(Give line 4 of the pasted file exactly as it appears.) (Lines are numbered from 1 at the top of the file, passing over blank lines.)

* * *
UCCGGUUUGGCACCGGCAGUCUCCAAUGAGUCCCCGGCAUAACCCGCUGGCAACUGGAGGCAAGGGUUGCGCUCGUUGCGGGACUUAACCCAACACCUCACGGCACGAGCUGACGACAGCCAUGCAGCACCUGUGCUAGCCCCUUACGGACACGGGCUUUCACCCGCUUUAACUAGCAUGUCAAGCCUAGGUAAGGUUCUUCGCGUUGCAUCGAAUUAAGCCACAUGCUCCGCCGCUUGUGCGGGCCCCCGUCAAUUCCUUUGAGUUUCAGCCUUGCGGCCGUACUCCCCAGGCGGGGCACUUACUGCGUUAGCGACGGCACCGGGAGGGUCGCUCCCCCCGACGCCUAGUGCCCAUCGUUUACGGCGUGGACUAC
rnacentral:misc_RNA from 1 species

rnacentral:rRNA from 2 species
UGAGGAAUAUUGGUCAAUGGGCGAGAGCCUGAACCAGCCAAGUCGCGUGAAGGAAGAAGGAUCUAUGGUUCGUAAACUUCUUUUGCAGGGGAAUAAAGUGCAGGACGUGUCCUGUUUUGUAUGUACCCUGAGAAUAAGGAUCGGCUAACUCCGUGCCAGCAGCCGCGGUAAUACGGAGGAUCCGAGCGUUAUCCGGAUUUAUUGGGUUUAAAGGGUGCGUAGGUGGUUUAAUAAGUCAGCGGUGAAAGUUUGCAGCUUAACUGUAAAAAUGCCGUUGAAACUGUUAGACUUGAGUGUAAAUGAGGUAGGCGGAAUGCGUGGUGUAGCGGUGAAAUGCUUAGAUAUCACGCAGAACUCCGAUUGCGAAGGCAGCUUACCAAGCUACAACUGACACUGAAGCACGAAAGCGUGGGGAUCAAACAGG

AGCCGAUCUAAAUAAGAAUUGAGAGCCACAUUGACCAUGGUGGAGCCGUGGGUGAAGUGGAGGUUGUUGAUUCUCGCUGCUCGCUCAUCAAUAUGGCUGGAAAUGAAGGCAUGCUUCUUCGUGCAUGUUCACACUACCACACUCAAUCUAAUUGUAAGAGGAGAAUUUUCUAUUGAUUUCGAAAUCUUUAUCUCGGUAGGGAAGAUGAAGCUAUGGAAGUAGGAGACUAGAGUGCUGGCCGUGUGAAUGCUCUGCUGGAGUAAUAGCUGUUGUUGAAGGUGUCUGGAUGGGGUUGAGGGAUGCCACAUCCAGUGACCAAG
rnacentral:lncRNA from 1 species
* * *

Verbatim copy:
UGAGGAAUAUUGGUCAAUGGGCGAGAGCCUGAACCAGCCAAGUCGCGUGAAGGAAGAAGGAUCUAUGGUUCGUAAACUUCUUUUGCAGGGGAAUAAAGUGCAGGACGUGUCCUGUUUUGUAUGUACCCUGAGAAUAAGGAUCGGCUAACUCCGUGCCAGCAGCCGCGGUAAUACGGAGGAUCCGAGCGUUAUCCGGAUUUAUUGGGUUUAAAGGGUGCGUAGGUGGUUUAAUAAGUCAGCGGUGAAAGUUUGCAGCUUAACUGUAAAAAUGCCGUUGAAACUGUUAGACUUGAGUGUAAAUGAGGUAGGCGGAAUGCGUGGUGUAGCGGUGAAAUGCUUAGAUAUCACGCAGAACUCCGAUUGCGAAGGCAGCUUACCAAGCUACAACUGACACUGAAGCACGAAAGCGUGGGGAUCAAACAGG